Russian President Vladimir Putin has warned the United States that if it walks out of a key arms treaty and starts developing the type of missiles banned by it, Russia will do the same. He made the comments hours after the US said it would suspend its obligations under the Intermediate-Range Nuclear Forces Treaty (INF) in 60 days.
By Stefan J. Bos
Speaking to reporters in Moscow, Russian President Putin condemned a decision by the United States to suspend its participation in what is known as the Intermediate-Range Nuclear Forces Treaty (INF).
He made clear that in his view the US decision to withdraw from the INF Treaty “has long been made.” Putin claimed the decision was made “sneakily” since in his words the “US Congress allocated money for Research and Development for the creation of intermediate-range and short-range missiles, banned within the treaty.”
The Russian leader also said the US “started to think whom they could blame.” He added that saying “Russia is to blame” is the “easiest thing to conclude for an ordinary Western person.” However, Putin warned that Russia opposes the annulment of the INF Treaty, and would “react accordingly” if it happens.
His remarks came after the U.S. shared what it called intelligence evidence with allies of the NATO military alliance that allegedly shows that Russia’s new SSC-8 ground-fired cruise missile could give Moscow the ability to launch a nuclear strike in Europe with little or no notice.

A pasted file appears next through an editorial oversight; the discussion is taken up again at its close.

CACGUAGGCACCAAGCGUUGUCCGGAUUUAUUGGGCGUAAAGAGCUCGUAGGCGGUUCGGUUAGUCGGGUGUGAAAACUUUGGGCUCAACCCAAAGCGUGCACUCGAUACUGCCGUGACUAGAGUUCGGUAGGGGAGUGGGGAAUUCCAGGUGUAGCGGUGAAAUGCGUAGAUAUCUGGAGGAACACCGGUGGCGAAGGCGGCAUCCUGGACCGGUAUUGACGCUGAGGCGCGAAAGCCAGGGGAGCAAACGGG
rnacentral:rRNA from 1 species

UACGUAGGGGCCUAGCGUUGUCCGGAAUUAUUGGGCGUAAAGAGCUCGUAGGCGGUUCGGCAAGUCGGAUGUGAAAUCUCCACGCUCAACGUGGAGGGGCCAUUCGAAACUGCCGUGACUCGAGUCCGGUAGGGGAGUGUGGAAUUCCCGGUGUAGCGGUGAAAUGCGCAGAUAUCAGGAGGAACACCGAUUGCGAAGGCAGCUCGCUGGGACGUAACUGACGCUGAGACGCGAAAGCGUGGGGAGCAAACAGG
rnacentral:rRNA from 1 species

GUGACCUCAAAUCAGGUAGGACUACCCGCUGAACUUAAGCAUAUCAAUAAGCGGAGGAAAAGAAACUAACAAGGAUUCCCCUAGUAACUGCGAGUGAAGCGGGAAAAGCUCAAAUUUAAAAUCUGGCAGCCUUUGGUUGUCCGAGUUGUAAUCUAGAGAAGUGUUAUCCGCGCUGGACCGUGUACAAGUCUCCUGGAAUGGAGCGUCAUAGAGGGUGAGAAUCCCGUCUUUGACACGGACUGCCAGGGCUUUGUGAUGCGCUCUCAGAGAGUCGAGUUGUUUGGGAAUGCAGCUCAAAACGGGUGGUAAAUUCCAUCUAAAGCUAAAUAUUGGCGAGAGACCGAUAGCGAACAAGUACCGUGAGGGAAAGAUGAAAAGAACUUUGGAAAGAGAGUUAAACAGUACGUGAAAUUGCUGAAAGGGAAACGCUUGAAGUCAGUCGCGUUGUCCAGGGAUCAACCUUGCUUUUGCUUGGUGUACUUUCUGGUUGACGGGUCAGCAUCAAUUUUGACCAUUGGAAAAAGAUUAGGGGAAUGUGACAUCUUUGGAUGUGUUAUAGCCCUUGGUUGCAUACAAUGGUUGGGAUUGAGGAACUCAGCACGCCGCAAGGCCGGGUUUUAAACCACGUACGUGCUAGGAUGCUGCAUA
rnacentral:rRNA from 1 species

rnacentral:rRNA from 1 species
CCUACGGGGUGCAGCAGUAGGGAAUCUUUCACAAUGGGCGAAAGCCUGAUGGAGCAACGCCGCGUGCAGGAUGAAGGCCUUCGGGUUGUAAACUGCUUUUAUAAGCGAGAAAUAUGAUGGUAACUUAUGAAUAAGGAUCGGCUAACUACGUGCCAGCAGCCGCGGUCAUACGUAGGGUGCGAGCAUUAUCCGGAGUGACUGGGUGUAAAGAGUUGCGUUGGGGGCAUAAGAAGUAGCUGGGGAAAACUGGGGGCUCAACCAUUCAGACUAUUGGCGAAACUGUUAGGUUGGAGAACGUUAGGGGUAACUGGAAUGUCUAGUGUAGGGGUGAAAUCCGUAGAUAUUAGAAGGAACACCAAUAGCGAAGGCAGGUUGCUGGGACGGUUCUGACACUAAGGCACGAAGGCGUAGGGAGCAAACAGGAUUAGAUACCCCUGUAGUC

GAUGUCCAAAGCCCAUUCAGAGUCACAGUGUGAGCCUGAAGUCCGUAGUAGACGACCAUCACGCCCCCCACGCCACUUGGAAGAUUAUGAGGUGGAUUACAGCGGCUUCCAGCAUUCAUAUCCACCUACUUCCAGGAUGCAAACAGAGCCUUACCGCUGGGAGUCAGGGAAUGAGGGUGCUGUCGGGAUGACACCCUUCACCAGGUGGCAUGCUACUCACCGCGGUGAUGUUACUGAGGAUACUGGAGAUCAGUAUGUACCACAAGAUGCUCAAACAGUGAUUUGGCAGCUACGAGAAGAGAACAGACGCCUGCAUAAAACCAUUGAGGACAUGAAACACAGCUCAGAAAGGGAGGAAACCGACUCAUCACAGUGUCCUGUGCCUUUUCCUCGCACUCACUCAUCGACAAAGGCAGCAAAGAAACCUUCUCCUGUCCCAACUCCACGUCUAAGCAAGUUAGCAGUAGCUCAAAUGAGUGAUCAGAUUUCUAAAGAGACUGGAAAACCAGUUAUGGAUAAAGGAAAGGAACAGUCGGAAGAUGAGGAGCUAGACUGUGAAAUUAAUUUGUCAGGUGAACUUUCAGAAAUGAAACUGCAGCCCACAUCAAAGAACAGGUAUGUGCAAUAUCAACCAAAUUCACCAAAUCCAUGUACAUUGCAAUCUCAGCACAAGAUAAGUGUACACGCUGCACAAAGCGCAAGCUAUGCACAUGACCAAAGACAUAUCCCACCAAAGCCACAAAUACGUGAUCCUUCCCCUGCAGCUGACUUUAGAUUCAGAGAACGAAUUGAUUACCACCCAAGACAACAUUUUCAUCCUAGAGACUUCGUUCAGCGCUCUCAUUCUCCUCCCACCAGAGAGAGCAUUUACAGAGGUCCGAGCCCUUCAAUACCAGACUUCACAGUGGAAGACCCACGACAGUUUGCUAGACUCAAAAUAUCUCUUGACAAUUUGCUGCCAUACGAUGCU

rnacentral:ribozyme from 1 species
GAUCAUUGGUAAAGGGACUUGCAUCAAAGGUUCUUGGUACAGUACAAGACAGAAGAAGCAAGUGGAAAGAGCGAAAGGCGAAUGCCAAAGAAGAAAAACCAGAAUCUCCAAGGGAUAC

Alleged Russian violations
U.S. Secretary of State Mike Pompeo said in Brussels that it was part of broader Russian violations of the INF Treaty and its aggression elsewhere in the world. “These violations of the INF Treaty cannot be viewed in isolation from the larger pattern of Russian lawlessness on the world stage,” he said.
“The list of Russia’s infamous acts is long: Georgia, Ukraine, Syria, election meddling, Skripal, and now the Kerch Strait, to name just a few,” Pompeo added.
“In light of these facts, the United States today declares it has found Russia in material breach of the treaty and will suspend our obligations as a remedy effective in 60 days unless Russia returns to full and verifiable compliance,” he said.
NATO later stressed that it supports the U.S. assessment that Russia had violated the treaty, signed in 1987.
Russia has denied the accusations, but the latest standoff has added to international concern about the ongoing worst East-West tensions
since the Cold War.